With the latest campaign dollar totals officially on the Federal Election Commission books, at least one thing is certain: President Obama will not have the huge spending advantage this November that he did four years ago.
Obama and his various committees reported raising $43.6 million in April, while presumptive GOP nominee Mitt Romney's campaign announced pulling in $40 million in that same period.
On that all-important cash-on-hand line, Obama and the Democratic National Committee enjoy a $146 million to $70 million advantage over Romney and the Republican National Committee six months from Election Day.
Yet that two-to-one ratio is certain to dwindle or could reverse entirely as GOP donors who had been waiting for the primaries to end jump in with the knowledge that their dollars will go toward replacing Obama in the White House rather than attacking other Republicans.
When the Republican superPACs — the Karl Rove co-founded American Crossroads, the pro-Romney Restore Our Future — are added in along with their Democratic counterparts — the pro-Obama Priorities USA Action — that cash-on-hand advantage is nearly wiped out even today.
Still, Romney has a major chore ahead of him catching up with Obama's on-the-ground operations in the dozen or so swing states. With the luxury of no primary opponent, Obama's team has had a monthslong head start on opening field offices, hiring staff and starting voter registration work.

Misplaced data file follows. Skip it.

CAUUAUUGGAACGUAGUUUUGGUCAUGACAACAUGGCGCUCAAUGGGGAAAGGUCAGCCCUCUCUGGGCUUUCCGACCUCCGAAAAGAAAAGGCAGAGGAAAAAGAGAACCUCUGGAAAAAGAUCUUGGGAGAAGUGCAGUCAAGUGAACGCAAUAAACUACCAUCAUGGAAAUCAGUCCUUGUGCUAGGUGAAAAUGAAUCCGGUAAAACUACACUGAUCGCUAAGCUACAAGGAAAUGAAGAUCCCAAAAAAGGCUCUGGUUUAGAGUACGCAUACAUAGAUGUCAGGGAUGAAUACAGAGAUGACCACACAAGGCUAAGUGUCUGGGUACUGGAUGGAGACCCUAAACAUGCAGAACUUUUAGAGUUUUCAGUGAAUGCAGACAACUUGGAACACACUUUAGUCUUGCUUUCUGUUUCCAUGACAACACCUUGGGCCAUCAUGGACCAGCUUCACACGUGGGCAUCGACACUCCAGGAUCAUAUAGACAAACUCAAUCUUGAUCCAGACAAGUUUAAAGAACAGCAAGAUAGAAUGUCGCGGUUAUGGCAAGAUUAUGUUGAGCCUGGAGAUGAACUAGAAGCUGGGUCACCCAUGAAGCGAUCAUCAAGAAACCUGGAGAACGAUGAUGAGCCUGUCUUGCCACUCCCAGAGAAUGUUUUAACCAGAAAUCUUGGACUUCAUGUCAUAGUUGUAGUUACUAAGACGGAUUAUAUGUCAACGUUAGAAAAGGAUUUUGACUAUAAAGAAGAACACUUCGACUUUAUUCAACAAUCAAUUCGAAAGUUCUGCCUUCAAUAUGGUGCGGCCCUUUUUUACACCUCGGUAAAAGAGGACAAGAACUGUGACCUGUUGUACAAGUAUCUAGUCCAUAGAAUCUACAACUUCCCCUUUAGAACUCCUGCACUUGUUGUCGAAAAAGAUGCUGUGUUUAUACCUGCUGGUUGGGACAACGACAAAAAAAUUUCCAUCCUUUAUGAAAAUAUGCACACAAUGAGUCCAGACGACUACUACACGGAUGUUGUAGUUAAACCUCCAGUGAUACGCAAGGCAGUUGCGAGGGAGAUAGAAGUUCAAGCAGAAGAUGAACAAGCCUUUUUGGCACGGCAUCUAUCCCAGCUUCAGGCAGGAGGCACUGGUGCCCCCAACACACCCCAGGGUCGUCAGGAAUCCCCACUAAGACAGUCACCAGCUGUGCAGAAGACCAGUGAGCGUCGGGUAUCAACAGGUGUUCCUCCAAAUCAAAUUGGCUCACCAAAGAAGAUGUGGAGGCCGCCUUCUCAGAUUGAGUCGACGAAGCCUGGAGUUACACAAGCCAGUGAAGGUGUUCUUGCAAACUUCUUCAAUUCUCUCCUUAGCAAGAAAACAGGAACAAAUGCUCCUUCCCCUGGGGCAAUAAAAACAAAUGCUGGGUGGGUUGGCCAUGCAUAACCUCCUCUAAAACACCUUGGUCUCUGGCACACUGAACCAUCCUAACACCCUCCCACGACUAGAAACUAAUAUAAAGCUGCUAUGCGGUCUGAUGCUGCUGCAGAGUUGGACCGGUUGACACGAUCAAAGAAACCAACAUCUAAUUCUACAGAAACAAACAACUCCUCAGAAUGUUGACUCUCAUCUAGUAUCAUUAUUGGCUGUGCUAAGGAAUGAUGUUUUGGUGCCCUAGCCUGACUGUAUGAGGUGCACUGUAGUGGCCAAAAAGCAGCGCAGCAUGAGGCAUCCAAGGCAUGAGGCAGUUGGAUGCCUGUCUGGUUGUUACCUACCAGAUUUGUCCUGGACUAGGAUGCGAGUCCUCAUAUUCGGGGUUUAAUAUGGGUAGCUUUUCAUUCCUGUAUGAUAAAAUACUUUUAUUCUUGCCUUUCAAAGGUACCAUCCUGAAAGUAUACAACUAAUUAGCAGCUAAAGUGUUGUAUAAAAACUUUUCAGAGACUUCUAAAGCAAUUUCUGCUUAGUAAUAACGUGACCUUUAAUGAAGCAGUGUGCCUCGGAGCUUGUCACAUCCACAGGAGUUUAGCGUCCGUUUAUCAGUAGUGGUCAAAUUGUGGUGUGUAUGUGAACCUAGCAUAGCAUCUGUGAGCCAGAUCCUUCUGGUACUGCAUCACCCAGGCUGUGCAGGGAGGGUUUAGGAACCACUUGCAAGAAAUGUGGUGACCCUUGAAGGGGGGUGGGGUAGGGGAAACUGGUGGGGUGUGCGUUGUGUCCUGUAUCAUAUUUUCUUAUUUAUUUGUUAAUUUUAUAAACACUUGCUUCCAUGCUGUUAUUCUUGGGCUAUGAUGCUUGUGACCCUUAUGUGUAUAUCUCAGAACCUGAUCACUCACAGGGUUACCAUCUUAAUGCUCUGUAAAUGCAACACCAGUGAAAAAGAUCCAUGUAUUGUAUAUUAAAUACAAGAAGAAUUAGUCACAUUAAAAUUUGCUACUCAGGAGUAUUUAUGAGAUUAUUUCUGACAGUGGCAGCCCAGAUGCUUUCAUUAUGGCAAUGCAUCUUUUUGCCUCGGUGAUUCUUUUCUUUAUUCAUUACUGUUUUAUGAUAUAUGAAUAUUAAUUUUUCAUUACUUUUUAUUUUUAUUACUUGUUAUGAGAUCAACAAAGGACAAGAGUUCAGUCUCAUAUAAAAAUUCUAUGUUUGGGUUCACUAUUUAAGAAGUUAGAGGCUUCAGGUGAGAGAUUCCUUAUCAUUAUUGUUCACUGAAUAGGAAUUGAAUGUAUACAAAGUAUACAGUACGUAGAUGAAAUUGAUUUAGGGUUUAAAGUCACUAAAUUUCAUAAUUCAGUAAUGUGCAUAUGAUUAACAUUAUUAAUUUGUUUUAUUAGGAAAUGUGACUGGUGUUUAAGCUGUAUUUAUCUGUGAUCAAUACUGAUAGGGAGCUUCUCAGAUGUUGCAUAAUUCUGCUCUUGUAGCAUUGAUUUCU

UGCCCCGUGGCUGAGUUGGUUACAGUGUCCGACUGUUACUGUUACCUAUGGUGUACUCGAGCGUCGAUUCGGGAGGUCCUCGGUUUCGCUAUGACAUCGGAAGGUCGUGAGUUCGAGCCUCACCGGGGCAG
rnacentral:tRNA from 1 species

Perhaps the biggest unknown is what will come of a pair of court rulings that now require nonprofit groups like Crossroads GPS, Americans for Prosperity and the U.S. Chamber of Commerce that run political ads within 60 days of the election to reveal the names of their donors. The groups zealously guard that secret, arguing that donors whose names become public are subject to media scrutiny and subsequent political harassment.
These conservative groups have promised ad campaigns as large as $200 million each criticizing Obama yet stopping short of telling voters how to vote. But it's unclear whether donors will be willing to hand over seven- and eight-figure checks as they have in the past if they believe their names could become public.
The groups, which are organized as nonprofits under sections 501(c)4 and 501(c)6 of the tax code, could instead report their activity as "express advocacy" under a different section of the election law to keep their donors secret — but that could potentially endanger their tax status with the IRS.
S.V. Dáte is the congressional editor for NPR's Washington Desk.
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